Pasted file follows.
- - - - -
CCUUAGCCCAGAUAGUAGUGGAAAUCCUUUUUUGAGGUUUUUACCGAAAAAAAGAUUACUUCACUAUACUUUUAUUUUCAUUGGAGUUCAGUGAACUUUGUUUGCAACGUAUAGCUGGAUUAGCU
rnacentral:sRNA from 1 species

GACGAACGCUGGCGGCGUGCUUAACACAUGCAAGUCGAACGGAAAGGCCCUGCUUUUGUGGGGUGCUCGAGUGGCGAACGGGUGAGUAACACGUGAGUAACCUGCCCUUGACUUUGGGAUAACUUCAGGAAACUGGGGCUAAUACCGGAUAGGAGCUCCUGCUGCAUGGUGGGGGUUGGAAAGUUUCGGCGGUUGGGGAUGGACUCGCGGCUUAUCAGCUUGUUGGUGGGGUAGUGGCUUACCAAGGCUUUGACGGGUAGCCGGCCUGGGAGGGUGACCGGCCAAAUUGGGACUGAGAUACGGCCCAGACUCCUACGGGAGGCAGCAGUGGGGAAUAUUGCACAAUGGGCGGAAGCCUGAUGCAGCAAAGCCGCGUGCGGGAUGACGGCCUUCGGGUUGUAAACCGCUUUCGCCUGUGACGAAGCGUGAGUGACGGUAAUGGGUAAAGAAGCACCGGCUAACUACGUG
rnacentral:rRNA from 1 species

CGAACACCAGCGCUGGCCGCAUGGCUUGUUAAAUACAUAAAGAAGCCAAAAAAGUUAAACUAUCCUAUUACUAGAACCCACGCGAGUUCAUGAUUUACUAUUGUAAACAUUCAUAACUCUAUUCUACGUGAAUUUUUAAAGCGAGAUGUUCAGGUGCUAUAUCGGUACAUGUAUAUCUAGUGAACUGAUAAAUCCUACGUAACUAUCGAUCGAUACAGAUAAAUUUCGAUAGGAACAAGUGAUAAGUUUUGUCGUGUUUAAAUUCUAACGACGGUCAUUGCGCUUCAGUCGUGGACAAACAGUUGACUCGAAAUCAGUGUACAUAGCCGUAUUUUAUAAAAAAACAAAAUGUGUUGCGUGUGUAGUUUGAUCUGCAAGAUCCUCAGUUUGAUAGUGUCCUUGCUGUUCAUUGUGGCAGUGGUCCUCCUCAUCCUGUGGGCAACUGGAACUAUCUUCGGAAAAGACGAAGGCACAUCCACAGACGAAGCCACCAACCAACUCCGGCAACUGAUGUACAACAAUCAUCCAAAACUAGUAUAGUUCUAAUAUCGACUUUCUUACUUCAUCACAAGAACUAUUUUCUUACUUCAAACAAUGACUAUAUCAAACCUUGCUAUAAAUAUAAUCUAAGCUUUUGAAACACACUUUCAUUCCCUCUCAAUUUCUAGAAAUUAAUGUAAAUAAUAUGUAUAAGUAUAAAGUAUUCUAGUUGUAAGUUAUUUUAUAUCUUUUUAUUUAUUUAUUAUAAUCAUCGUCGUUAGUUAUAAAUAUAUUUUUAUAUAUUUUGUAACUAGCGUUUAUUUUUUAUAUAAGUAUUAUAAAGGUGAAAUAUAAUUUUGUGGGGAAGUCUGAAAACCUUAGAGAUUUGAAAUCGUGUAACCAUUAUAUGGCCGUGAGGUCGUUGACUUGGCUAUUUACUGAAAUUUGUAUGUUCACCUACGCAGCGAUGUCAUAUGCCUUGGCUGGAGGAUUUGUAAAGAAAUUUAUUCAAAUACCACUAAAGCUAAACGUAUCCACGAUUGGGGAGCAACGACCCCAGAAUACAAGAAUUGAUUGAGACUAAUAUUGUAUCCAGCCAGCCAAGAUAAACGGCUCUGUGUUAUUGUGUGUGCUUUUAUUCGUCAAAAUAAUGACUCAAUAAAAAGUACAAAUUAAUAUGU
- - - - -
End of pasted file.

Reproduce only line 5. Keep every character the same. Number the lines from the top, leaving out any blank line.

CGAACACCAGCGCUGGCCGCAUGGCUUGUUAAAUACAUAAAGAAGCCAAAAAAGUUAAACUAUCCUAUUACUAGAACCCACGCGAGUUCAUGAUUUACUAUUGUAAACAUUCAUAACUCUAUUCUACGUGAAUUUUUAAAGCGAGAUGUUCAGGUGCUAUAUCGGUACAUGUAUAUCUAGUGAACUGAUAAAUCCUACGUAACUAUCGAUCGAUACAGAUAAAUUUCGAUAGGAACAAGUGAUAAGUUUUGUCGUGUUUAAAUUCUAACGACGGUCAUUGCGCUUCAGUCGUGGACAAACAGUUGACUCGAAAUCAGUGUACAUAGCCGUAUUUUAUAAAAAAACAAAAUGUGUUGCGUGUGUAGUUUGAUCUGCAAGAUCCUCAGUUUGAUAGUGUCCUUGCUGUUCAUUGUGGCAGUGGUCCUCCUCAUCCUGUGGGCAACUGGAACUAUCUUCGGAAAAGACGAAGGCACAUCCACAGACGAAGCCACCAACCAACUCCGGCAACUGAUGUACAACAAUCAUCCAAAACUAGUAUAGUUCUAAUAUCGACUUUCUUACUUCAUCACAAGAACUAUUUUCUUACUUCAAACAAUGACUAUAUCAAACCUUGCUAUAAAUAUAAUCUAAGCUUUUGAAACACACUUUCAUUCCCUCUCAAUUUCUAGAAAUUAAUGUAAAUAAUAUGUAUAAGUAUAAAGUAUUCUAGUUGUAAGUUAUUUUAUAUCUUUUUAUUUAUUUAUUAUAAUCAUCGUCGUUAGUUAUAAAUAUAUUUUUAUAUAUUUUGUAACUAGCGUUUAUUUUUUAUAUAAGUAUUAUAAAGGUGAAAUAUAAUUUUGUGGGGAAGUCUGAAAACCUUAGAGAUUUGAAAUCGUGUAACCAUUAUAUGGCCGUGAGGUCGUUGACUUGGCUAUUUACUGAAAUUUGUAUGUUCACCUACGCAGCGAUGUCAUAUGCCUUGGCUGGAGGAUUUGUAAAGAAAUUUAUUCAAAUACCACUAAAGCUAAACGUAUCCACGAUUGGGGAGCAACGACCCCAGAAUACAAGAAUUGAUUGAGACUAAUAUUGUAUCCAGCCAGCCAAGAUAAACGGCUCUGUGUUAUUGUGUGUGCUUUUAUUCGUCAAAAUAAUGACUCAAUAAAAAGUACAAAUUAAUAUGU